Recent advances in the understanding of cancer as a genetic disease have allowed the identification of clonal genetic alterations, the accumulation of which drives progression. These cancer-specific alterations that arise during tumorigenesis can serve as targets for the detection of neoplastic cells in clinical specimens such as readily accessible bodily fluids (4) . The use of genetic and epigenetic alterations for the early detection of bladder cancer has the potential advantage that because some events will occur early in the disease process, molecular diagnosis, e.g., in urine, may allow detection before clinical or overt radiographic manifestations. An understanding of the genetic and epigenetic events responsible for the malignant transformation of bladder epithelium is rapidly emerging. This includes inactivation of at least five identified tumor suppressor genes (p53, Rb, p16INK4a, p14ARF, and PTEN) by the genetic alterations of deletion and point mutation (5) . In cancer cells, several tumor suppressor genes such as p16INK4a, VHL, hMLH1, and BRCA1 have been found to have another alteration, aberrant methylation of normally unmethylated CpG islands within the promoter region. The hypermethylation is associated with transcriptional silencing of the gene and therefore acts as an alternative mechanism of inactivation of a tumor suppressor gene allele (6 , 7) . Genes identified as hypermethylated in cancer cells include tumor suppressor genes of clear biological significance already known to be involved in bladder tumorigenesis, such as Rb, p16INK4a, and p14ARF (8, 9, 10, 11) ; tumor suppressors implicated in other types of cancer, e.g., APC (12) ; and putative tumor suppressor genes such as RASSF1A (13) . Hypermethylation can be analyzed by the sensitive methylation-specific PCR (MSP) technique, which can identify up to 1 methylated allele in 1000 unmethylated alleles (14) , appropriate for the detection of neoplastic cells in a background of normal cells. MSP also allows rapid analysis of multiple gene loci, does not require prior knowledge of epigenetic alteration, and can provide a “yes or no” answer (14 , 15) .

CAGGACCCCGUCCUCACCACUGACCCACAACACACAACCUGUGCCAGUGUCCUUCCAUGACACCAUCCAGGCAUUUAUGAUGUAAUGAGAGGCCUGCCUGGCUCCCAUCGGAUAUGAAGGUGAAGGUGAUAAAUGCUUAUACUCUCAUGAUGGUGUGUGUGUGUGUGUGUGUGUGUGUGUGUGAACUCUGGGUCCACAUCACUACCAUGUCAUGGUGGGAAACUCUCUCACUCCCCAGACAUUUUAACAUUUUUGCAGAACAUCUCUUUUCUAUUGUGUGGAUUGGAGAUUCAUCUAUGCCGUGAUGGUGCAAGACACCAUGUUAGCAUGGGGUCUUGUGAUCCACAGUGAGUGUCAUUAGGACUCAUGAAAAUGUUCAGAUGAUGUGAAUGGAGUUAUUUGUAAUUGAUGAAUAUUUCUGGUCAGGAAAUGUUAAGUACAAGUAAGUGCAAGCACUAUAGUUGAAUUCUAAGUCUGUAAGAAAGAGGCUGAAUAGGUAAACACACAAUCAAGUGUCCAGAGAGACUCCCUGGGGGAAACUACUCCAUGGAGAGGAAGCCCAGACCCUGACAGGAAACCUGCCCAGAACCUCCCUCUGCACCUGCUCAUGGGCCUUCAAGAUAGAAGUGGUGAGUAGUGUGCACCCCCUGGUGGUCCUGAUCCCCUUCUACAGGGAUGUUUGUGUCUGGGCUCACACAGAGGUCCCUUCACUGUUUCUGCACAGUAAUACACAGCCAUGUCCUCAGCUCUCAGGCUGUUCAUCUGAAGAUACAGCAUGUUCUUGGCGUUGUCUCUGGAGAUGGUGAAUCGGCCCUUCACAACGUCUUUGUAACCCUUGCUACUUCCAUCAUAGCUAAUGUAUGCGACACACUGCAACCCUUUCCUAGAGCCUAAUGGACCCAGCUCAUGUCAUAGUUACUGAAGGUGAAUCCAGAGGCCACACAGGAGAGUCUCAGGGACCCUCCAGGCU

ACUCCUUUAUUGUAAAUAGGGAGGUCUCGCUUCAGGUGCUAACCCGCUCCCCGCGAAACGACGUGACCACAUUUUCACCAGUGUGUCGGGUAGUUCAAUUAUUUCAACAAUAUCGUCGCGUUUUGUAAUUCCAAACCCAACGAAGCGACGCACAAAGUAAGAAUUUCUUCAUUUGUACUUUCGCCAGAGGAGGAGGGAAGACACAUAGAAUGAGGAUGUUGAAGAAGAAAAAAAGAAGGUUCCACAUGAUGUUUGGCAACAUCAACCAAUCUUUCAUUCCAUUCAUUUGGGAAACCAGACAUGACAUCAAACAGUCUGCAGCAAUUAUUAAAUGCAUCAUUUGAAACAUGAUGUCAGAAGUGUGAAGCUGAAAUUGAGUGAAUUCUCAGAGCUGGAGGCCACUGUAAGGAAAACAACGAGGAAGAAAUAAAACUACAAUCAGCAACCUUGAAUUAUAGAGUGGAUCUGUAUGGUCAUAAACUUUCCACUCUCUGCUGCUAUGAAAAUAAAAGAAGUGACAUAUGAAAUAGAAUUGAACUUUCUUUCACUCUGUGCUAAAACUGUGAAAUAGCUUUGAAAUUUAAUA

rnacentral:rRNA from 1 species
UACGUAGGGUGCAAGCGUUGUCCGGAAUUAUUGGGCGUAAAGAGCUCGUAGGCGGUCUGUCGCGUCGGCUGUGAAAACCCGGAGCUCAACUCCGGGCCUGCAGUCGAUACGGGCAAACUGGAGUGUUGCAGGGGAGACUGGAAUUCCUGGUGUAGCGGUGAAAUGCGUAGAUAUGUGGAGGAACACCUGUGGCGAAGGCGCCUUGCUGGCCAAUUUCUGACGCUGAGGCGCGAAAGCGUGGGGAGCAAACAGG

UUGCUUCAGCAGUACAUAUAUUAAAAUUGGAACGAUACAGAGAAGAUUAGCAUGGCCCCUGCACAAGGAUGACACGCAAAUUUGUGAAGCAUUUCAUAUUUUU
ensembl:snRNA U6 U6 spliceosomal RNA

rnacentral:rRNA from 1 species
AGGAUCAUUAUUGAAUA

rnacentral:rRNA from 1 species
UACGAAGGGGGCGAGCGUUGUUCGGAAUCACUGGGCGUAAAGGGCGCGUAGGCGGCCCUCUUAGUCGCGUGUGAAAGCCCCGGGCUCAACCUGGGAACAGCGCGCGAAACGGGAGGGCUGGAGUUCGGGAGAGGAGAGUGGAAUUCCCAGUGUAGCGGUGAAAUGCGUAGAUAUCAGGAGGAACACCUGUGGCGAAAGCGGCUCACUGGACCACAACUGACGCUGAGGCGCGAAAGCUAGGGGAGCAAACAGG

We therefore determined an optimal panel of tumor suppressor genes for the detection of bladder cancer and examined the hypermethylation status of APC, RASSF1A, and p14ARF in paired bladder tumor and urine DNA samples as well as normal and benign disease controls. Promoter hypermethylation identified in the tumor DNA was used as a molecular target for cancer detection in the corresponding urine DNA. We found each of the 45 tumors to have hypermethylation of at least one gene from the panel, thereby providing a target that we successfully detected in 39 (87%) of the matched urine DNAs with 100% specificity.
Materials and Methods
Specimen Collection and DNA Extraction.
After approval from the Institutional Review Board, we obtained tumor tissue via the Fox Chase Cancer Center Tumor Bank Facility and 10–100 ml of preoperative urine from 45 patients (age, 37–85 years) who underwent transurethral resection, cystectomy, or nephro-ureterectomy for cancer of the bladder, ureter, or renal pelvis. All cases were transitional cell carcinomas. Tumors were graded according to American Joint Committee on Cancer and staged according to American Joint Committee on Cancer-Union Internationale Contre le Cancer tumor-node-metastasis (TNM) classifications (Ref. 16 ; Table 1⇓ ). Urine specimens from 12 normal, healthy individuals and 9 patients with inflammatory urinary disease (cystitis) of the bladder were obtained as controls. Specimens of histologically confirmed normal ureteral urothelium were collected from five patients with renal cell carcinoma to provide normal (nonneoplastic) transitional cell DNA. Tumor tissue was obtained immediately after surgical resection and subsequently microdissected with the assistance of a pathologist (T. A-S.). DNA was extracted from tissue and fluid using a standard technique of digestion with proteinase K in the presence of SDS at 37°C overnight, followed by phenol/chloroform extraction (17) . Tissue specimen DNA was spooled out after precipitation with 100% ethanol. Urine DNA was precipitated with 0.1 volume of 10 m ammonium acetate, 2 μl of glycogen (Roche Diagnostics Corp., Indianapolis, IN), and 2.5 volumes of 100% ethanol, followed by incubation at −20°C and centrifugation at top speed (16,000 relative centrifugal force). All urinary cytology was reviewed by an experienced oncologic cytopathologist.